On This Weak, George Will basically said that the problem in New Orleans is that blacks fuck too much. Or rather, the problem of the "underclass" can be traced to so many "out of wedlock births." I think it's pretty clear he wasn't suggesting that abortions be made available to poor women. (If Bill Clinton thought he neutralized that line with welfare reform, he was sadly mistaken.) As far as the right is concerned, it's all about that old racist boogeyman "dependency." Last night on the McLaughlin Group, Pat Buchanan was foaming at the mouth about "the welfare state." He was in his element, getting his "we're gonna take our cities block by block" Pitchfork Pat mojo back. These are code words. They aren't about class - although they will certainly claim that's what they're talking about. These are code words for blacks.
… Immigration had already reared its ugly head out of nowhere, and now this. I believe the Republicans already see the elections of 06 and 08 as an opportunity to revert to a tried and true code saturated "law 'n order" strategy. The War on Terrorism has been losing its juice for sometime - and Iraq is nothing but an embarrassment now. It's time to go back to what works.
For those who think that we are in a post racist world because George W. Bush appointed blacks to his cabinet, think again. The modern Republican Party was built on the back of an enduring national divide on the issue of race. George Bush may not personally be racist (or more likely not know he's racist) but the party he leads has depended on it for many years. The coded language that signals tribal ID has obscured it, but don't kid yourselves. It is a party that became dominant by exploiting the deep cultural fault of the Mason-Dixon Line.
So when things don't make sense, or cannot be explained without some rolling their eyes, some smirking, some laughing out loud - and most just walking away and thinking it might be time for a new leadership team - you play the last thing you've got, the last card in your hand.
… then there's Senator George Felix "Macaca" Allen. He's just a stone racist, but I think it's worth noting nonetheless that he knew he could play the race card among his supporters in "the real world" of Virginia. You didn't have to know what "macaca" meant to know what he was saying (and I would guess that more than a few of his supporters know very well what it meant.) His face in that video shows a barely leashed anger, the tight smile, the sarcastic edge - and his supporters all got the point, laughing and tittering at his nasty little aside. Nobody has asked what purpose it served for Allen to point out this guy videotaping the event in the first place. I assume Allen's supporters thought he was with the campaign not with Webb, and even if they did I doubt they would have thought much about it. But Allen, either out of personal pique or political calculation (or both) brought this lone dark-skinned person to the attention of his audience and identified him with the opposition. He did that for a reason and I suspect it's because the word has gone forth that race is on the table in this election. (The fact that he's even more brain-dead than Bush is what did him in - he pulled it on a guy who was videotaping him. Jesus.)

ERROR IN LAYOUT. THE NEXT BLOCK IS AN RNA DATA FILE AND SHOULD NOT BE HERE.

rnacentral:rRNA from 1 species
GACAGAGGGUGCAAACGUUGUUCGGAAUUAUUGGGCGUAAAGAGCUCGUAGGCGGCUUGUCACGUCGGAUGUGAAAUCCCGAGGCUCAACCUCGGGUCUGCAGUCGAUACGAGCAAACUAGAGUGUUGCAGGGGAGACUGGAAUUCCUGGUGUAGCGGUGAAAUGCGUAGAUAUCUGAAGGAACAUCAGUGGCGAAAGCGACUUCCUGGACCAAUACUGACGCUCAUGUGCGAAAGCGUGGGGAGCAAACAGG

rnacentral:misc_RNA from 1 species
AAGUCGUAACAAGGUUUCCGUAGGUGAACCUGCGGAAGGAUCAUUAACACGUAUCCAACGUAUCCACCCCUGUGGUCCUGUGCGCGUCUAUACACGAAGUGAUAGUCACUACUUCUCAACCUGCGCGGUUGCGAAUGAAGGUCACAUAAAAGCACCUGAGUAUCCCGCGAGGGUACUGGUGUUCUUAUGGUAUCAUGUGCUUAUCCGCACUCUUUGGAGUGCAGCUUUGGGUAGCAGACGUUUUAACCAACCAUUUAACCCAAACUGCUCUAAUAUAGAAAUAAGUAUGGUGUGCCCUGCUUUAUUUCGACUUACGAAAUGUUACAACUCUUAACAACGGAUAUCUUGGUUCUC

This is happening because the Republicans are on the run and they have to pull out all the stops to GOTV [get out the vote]. Mostly, however, I think it's an attempt to neutralize Katrina. Let's face it, there is nothing the Republicans can do to improve their image when it comes to their performance last September. It was a national disgrace and we are going to relive the whole awful scene in living color on the first anniversary. Their only hope is to stoke enough under-the-radar racial resentment to mitigate the damage. I suspect they have been thinking about this for the past year and carefully laying out all the little racist signposts we've been seeing over the past few months.
Katrina remains very damaging for Republicans unless they can find some way to kick in the racist lizard brain. They are very good at tickling the primitive, tribal side of human nature - in fact, that's all they are good at. Subtly and not so subtly playing the race card is one of their specialties and I think it's pretty much all they have left in their hand to play this time out. (Immigration is another racial card for this cycle although I think it's really aimed at '08.)
… And it remains to be seen whether they can find a way to touch once again that deep, unexamined part of the American psyche that Katrina revealed - not hatred, but fear of African Americans. Fear, after all, is the GOP's stock in trade.
I doubt it will work. I think we have come too far for racism of that kind to last beyond a single moment. It reared its hideous head briefly during the crisis but I don't think Rove can bring it back with standard racist appeals. His problem is that it's all he's got.
Keep your eyes open, though, for signs of this phenomenon. It's clear to me that this is the GOP subtext of the election. It's quite amazing when you think about it. Bush ran as the Republican who was beyond racial politics, known for his outreach to Hispanics and African Americans. But when it comes down to it, racism is really the heart and soul of the modern Republican party, the essence of their electoral strategy and the underlying sentiment that drives their appeals to "tradition" and "religion." We'll see if they can crank up the old macaca machine and make it work for them one more time.
Will the Ace of Spades slapped on the table win the hand this time? It seems it's all they've got.